The Elephant Transit Home in Udawalawe is an orphanage for elephant calves. Unlike many other so-called “orphanages”, however, human interaction is kept to a minimum to maximize the chances of the elephants’ survival once they are returned to the wild and re-integrated with wild herds.

13. Minneriya & Kaudulla National Parks, Sri Lanka

These two parks host what is known as “The Gathering”. Once a year, the Asian elephants of Minneriya and Kaudulla National Parks congregate during the dry season near manmade tanks to drink, play and bathe. The two parks, though separate, are next to each other and divided by the “elephant corridor” jungle that stands between them. It is one of the best places to see dozens, sometimes hundreds, of wild elephants in Sri Lanka.

You might also like: The Best Places to See Wild Elephants in Sri Lanka

14. Samui Elephant Sanctuary, Koh Samui, Thailand

Elephant at Samui Elephant Sanctuary in Koh Samui Thailand

The Samui Elephant Sanctuary is the first elephant park in Koh Samui, offering no-riding elephant interaction experiences for visitors from all around the world. If you are visiting Koh Samui, check out Samui Elephant Sanctuary instead of one of the elephant riding camps on the island! Read more about Samui Elephant Sanctuary here.

15. MandaLao Elephant Conservation, Laos

 

 
 
 
 
 
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A post shared by Flo • Yogawinetravel.com 🙏🏼🍷✈️ (@yogawinetravel) on

MandaLao is an ethical elephant sanctuary in Luang Prabang that opened its doors in November 2016, and is currently home to approximately one dozen rescued elephants. The 500-acre property is located about 30 minutes away from Luang Prabang’s Old Town, and is an ideal home for its elephants to roam free – unchained. No bull hooks, no riding, no chaining. Read more about visiting MandaLao here.

Have you visited an elephant sanctuary, orphanage or wildlife park that you loved? Please share your experience with me in the comments section!

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50 Comments

  1. I believe this is accurate. Two of the sanctuaries I have been to (Sheldrick Elephant orphanage and Mandalao) were on this list. I will definitely look into the others. Well done!!

    1. We loved our time at Mandalao – what a privilege it is to walk alongside these gentle giants! Thanks for taking the time to read this.

  2. I am like you an elephant lover. We have also been to Elephant nature park in Chiang Mai. It is incredible important what they do there. We have been to the orphanage in Nairobi. A little bit touristic, but they do good work. We have seen many elephants in Kruger NP and Addo elephant park in South Africa. Also Kenia and Tanzania has good NPs. We are going to Sri Lanka in August and there are still a lot of elephants used for working and tourist industry. I will not go to the Pinnawela orphanage we go to the Elephant transit home. And offcourse the best thing is to see them into the wild!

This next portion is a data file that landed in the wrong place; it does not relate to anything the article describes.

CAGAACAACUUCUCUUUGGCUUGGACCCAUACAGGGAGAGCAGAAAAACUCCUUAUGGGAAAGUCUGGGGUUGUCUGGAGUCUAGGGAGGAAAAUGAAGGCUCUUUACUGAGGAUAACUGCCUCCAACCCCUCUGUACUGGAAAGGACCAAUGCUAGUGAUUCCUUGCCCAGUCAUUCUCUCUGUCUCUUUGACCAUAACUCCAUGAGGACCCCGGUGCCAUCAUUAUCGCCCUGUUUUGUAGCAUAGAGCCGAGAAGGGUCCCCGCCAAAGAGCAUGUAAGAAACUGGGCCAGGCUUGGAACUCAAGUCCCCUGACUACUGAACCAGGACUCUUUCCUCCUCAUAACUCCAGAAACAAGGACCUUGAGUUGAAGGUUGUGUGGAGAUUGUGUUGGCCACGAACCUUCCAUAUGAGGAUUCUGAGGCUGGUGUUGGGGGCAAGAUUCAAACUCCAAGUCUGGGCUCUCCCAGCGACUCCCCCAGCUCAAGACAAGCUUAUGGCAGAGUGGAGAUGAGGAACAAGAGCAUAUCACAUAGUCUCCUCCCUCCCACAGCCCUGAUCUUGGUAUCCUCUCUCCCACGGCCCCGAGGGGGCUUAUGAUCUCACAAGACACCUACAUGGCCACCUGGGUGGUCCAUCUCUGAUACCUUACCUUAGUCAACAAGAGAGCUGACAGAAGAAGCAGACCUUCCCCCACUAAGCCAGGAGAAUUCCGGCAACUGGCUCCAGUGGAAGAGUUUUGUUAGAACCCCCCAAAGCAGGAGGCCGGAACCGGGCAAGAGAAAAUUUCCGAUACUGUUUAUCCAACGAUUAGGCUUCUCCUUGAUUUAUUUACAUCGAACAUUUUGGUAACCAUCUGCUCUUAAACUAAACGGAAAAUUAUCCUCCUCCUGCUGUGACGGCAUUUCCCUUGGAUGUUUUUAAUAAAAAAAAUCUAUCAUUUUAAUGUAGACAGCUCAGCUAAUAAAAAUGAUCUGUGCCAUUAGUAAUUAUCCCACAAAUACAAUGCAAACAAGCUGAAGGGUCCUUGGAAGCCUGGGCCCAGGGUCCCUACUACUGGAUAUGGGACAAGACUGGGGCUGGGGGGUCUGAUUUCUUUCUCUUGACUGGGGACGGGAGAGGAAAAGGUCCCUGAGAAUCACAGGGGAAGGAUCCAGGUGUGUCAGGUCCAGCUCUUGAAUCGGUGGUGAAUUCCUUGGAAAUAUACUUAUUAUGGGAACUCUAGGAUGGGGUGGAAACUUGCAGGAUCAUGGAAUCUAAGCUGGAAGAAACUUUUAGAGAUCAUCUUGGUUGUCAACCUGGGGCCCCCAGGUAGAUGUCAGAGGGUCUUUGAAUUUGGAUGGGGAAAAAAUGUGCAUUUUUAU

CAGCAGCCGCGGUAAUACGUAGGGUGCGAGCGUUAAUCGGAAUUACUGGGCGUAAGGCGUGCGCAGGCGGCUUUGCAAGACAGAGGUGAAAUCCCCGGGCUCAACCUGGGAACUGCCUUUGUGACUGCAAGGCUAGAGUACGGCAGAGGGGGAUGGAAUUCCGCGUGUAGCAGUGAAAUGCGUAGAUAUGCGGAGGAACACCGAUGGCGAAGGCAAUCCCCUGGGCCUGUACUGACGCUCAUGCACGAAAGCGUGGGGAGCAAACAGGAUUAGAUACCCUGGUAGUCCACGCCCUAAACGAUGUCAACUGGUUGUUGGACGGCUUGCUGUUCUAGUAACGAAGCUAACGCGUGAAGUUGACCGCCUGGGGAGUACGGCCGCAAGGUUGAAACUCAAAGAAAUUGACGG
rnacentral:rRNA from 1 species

What is your experience how Sri Lanka people treat the elephants?

    1. I have never been to Pinnawala as I’ve heard that there is mistreatment of the animals there, but I have heard that the government is hosting a training program to help the mahouts learn how to better care for the elephants. The elephants in the national parks look as they should – wild.

      Elephants are still used in religious processions and festivals in Sri Lanka, and some temples will have “resident” elephants chained on temple grounds. Unfortunately this is still common and a truly sad sight.

  3. Loved this post 🙂 I’m 100% with you: drawing attention to issues like this in tourism is so important ! I rode an elephant years ago when I first went to Nepal…¨but elephant riding seems like a no brainer now. We all make mistakes when it comes to animals, (myself included) but it’s good to learn and get the message out there. Gorgeous pictures collection of these beautiful giants ! Thanks for sharing.

  4. Yay! I just LOVE this! I accidentally ended up in a place with unethical animal treatment as well, but got out as soon as I could. Instead of beating myself up about it, I always do a TON of research now before I go anywhere involving animals. Thank you for this amazing list. I hope I can visit them all some day!

    1. It’s all about awareness and having all the facts! I have yet to go to a “turtle sanctuary” because I’ve read SO many mixed reviews!

  5. I’ve been looking for something like this!
    I’m heading to Asia and wanting to volunteer with Elephant Sanctuaries but I’ve read of so many scams!
    Will definitely save this post and get back to it when I’m in Thailand! They are such underestimated gentle creatures it so great to raise awareness of such places rather than paying for other atrocious acts :@